Tag Archives: Chasseur

On January 19, 1814, Captain William Wade and the Chasseur  sailed from Port Deposit and escaped the British blockade of the Chesapeake Bay:

At half past meridian got under way from Point Look Out, and stood down the bay.  Left the U.S. frigate Adams at anchor.  At 3 P.M. discovered three sail standing up the bay by the wind—immediately beat to quarters and cleared ship for action.  At 20 m. past 3, spoke the headmost, which proved to be a schooner from Norfolk for Baltimore—received from her information of the number and situation of the enemy below; hove too until dark.  Off New Point, he heard the report of a gun; we supposed it to be the Admiral’s 8 o’clock gun; passed one 74 and two brigs at anchor. – At 10 P.M. discovered two large ships at anchor in the Middle Channel—supposed them to be frigates; hauled our wind and run close in with Cape Henry; finding we were not perceived, made sail and went to sea.

From the journal of the Chasseur, excerpted in Baltimore American, June 2nd, 1814, Maryland Historical Society.

Captain William Wade left Baltimore on January 15 and found little success as a privateer in the first several months of 1814. When Thomas Boyle (still making his way back to Baltimore after a bruising battle with the Hibernia) took over as commander in July, the Chasseur embarked on a remarkable cruise to the British Isles, capturing an astonishing number of prizes,  and earning the nickname the “Pride of Baltimore” from the Niles Weekly Register.

Special thanks to Baltimore Heritage volunteer Dennis Lilly and the Maryland Historical Society for helping us share excerpts from the ship’s log from now through April. Continue to follow along for more updates on William Wade, Thomas Boyle and the Chasseur in the months ahead!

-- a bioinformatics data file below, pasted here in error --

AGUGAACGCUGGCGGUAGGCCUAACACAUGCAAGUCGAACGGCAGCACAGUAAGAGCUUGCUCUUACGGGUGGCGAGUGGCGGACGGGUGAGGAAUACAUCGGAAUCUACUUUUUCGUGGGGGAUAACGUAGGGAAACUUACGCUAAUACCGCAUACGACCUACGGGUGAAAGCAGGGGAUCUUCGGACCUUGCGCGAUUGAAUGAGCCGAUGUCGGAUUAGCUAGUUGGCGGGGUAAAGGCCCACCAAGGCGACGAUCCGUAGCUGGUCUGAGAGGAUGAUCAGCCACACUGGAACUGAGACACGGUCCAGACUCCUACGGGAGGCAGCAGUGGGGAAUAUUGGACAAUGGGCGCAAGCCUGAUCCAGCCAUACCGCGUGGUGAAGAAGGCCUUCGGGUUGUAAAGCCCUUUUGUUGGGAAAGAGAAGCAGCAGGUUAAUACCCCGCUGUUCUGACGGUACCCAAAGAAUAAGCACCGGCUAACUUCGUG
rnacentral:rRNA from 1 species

Advertisement: For Sale… the Privateer Schooner Chasseur, now ready to sail

For Sale
American and Commercial Daily Advertiser, January 13, 1814

On January 13, 1814, Thomas Kemp advertised the “Privateer Schooner Chasseur” for sale and Captain William Wade prepared to take the ship out on its first cruise. Built by Thomas Kemp for local merchant William Hollins, the Chassuer launched on December 12, 1812 but failed miserably in two attempts to evade the British blockade of the Chesapeake on commercial ventures with the second trip ending in mutiny.

Captain William Wade took command in February 1813 after the ship received a privateer commission and brought recent experience privateering as a second officer on the Comet under Captain Thomas Boyle. The Chasseur weighed almost twice as much as the Comet (resting in Puetro Rico after a damaging fight with the Hibernia just days earlier) and already had a reputation as one of the fastest top sail schooners built to date. Even with Wade’s experience and the ship’s speed, getting past the British might be a difficult task.